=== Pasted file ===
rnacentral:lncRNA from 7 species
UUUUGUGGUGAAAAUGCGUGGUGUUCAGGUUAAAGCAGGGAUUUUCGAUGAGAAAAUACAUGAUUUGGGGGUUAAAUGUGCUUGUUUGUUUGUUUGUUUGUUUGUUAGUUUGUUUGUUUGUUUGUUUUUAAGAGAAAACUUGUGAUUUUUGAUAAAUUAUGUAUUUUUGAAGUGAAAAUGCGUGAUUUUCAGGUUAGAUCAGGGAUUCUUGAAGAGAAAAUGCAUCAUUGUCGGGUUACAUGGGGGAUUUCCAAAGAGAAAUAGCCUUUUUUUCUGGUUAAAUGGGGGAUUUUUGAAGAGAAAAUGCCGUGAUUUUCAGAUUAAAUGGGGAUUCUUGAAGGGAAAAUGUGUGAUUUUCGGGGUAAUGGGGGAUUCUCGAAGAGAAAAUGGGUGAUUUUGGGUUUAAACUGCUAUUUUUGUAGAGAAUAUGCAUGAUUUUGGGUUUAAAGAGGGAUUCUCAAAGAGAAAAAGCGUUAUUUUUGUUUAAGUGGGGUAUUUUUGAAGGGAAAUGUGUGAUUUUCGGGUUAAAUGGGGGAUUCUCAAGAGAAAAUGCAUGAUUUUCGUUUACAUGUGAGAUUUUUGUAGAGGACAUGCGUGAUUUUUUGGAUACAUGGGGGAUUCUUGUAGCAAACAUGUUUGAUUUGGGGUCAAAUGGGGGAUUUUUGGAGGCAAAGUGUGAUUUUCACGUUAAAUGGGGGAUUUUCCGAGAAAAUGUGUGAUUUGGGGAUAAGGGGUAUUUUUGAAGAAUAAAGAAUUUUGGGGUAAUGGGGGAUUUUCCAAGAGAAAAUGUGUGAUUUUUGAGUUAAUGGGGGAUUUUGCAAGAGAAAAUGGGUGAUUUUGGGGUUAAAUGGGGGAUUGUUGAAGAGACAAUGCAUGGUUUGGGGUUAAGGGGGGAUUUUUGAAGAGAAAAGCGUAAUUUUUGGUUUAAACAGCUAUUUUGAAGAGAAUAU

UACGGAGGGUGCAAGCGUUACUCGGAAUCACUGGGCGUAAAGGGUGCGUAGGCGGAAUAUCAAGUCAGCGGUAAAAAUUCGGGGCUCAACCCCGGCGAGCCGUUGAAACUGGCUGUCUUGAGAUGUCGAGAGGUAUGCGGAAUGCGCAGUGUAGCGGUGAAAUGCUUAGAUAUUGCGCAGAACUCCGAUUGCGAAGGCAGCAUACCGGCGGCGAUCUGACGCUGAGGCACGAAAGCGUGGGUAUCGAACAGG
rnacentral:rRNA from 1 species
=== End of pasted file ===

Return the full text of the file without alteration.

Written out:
rnacentral:lncRNA from 7 species
UUUUGUGGUGAAAAUGCGUGGUGUUCAGGUUAAAGCAGGGAUUUUCGAUGAGAAAAUACAUGAUUUGGGGGUUAAAUGUGCUUGUUUGUUUGUUUGUUUGUUUGUUAGUUUGUUUGUUUGUUUGUUUUUAAGAGAAAACUUGUGAUUUUUGAUAAAUUAUGUAUUUUUGAAGUGAAAAUGCGUGAUUUUCAGGUUAGAUCAGGGAUUCUUGAAGAGAAAAUGCAUCAUUGUCGGGUUACAUGGGGGAUUUCCAAAGAGAAAUAGCCUUUUUUUCUGGUUAAAUGGGGGAUUUUUGAAGAGAAAAUGCCGUGAUUUUCAGAUUAAAUGGGGAUUCUUGAAGGGAAAAUGUGUGAUUUUCGGGGUAAUGGGGGAUUCUCGAAGAGAAAAUGGGUGAUUUUGGGUUUAAACUGCUAUUUUUGUAGAGAAUAUGCAUGAUUUUGGGUUUAAAGAGGGAUUCUCAAAGAGAAAAAGCGUUAUUUUUGUUUAAGUGGGGUAUUUUUGAAGGGAAAUGUGUGAUUUUCGGGUUAAAUGGGGGAUUCUCAAGAGAAAAUGCAUGAUUUUCGUUUACAUGUGAGAUUUUUGUAGAGGACAUGCGUGAUUUUUUGGAUACAUGGGGGAUUCUUGUAGCAAACAUGUUUGAUUUGGGGUCAAAUGGGGGAUUUUUGGAGGCAAAGUGUGAUUUUCACGUUAAAUGGGGGAUUUUCCGAGAAAAUGUGUGAUUUGGGGAUAAGGGGUAUUUUUGAAGAAUAAAGAAUUUUGGGGUAAUGGGGGAUUUUCCAAGAGAAAAUGUGUGAUUUUUGAGUUAAUGGGGGAUUUUGCAAGAGAAAAUGGGUGAUUUUGGGGUUAAAUGGGGGAUUGUUGAAGAGACAAUGCAUGGUUUGGGGUUAAGGGGGGAUUUUUGAAGAGAAAAGCGUAAUUUUUGGUUUAAACAGCUAUUUUGAAGAGAAUAU

UACGGAGGGUGCAAGCGUUACUCGGAAUCACUGGGCGUAAAGGGUGCGUAGGCGGAAUAUCAAGUCAGCGGUAAAAAUUCGGGGCUCAACCCCGGCGAGCCGUUGAAACUGGCUGUCUUGAGAUGUCGAGAGGUAUGCGGAAUGCGCAGUGUAGCGGUGAAAUGCUUAGAUAUUGCGCAGAACUCCGAUUGCGAAGGCAGCAUACCGGCGGCGAUCUGACGCUGAGGCACGAAAGCGUGGGUAUCGAACAGG
rnacentral:rRNA from 1 species